I'm in touch with a few serving soldiers. A friend is on his second tour in Iraq. He didn't want to go, but if he did what I've done he would lose his career and his pension.

Rebellion in the Ranks?

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Military families are forging a unique campaign against the Iraq war.

'Shame on you.' These three words addressed to Tony Blair and George Bush at the funeral of Rose Gentle's 19 year old son Gordon announced the beginning of the Military Families campaign. Reverend Mann pointed the finger at those ultimately responsible for Gordon Gentle's death in Basra. Rose Gentle had encouraged Mann to tell the truth about her son's death.

New Book: History in the Making

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Leading figures in the Stop the War Coalition Andrew Murray and Lindsey German have just written a compelling account of this unique movement. Here we print extracts from their book.

Introduction

This is not just another book about the Iraq war and its military, diplomatic and political history. Of those, there are plenty already. Instead, it is the story of a remarkable mass movement.

Mass movements appear to come from nowhere and they take a direction which is often unpredictable. They gather a momentum which sometimes appears unstoppable and they can change the face of politics for a generation.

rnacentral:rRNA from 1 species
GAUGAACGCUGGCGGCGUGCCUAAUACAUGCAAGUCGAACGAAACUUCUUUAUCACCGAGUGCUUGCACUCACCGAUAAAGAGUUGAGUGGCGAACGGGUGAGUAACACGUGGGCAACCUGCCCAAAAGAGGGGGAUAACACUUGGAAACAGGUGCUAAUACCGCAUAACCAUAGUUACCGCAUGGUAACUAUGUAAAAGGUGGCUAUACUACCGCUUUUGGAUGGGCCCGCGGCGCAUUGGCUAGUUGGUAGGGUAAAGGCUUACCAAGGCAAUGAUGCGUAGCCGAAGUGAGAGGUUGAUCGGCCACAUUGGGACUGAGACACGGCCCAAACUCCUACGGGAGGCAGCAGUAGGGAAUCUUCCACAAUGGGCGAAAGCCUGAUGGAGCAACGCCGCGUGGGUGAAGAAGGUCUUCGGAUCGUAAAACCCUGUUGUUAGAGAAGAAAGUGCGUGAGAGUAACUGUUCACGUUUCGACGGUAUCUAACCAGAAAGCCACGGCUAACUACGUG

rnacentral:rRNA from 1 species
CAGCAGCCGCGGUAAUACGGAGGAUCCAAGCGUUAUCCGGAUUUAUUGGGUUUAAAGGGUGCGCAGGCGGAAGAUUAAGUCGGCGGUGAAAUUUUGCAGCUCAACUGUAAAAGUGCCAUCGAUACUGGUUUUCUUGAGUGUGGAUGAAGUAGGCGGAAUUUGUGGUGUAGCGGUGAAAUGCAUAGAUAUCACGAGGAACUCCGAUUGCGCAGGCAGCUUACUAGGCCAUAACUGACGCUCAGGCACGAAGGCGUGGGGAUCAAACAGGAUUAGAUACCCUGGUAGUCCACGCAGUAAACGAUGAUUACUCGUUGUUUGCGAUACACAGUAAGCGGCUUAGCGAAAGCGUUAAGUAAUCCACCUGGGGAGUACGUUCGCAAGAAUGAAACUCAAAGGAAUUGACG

Interview: Going from Bad to Worse

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The coming few months are crucial ones for all those opposed to war and imperialism, as Lindsey German explains to Andrew Stone.

What do you think we can expect from the elections in Iraq at the end of the month?

Nothing will fundamentally change as a result of the elections. If they go ahead - and it looks like they will - very large parts of the country will be effectively excluded. Sunnis in particular feel very disaffected and want to boycott. There are many other parties who've also called to delay the elections. And most of the people who want to go ahead are doing so because they feel that this will then put them in a position to tell the Americans to leave.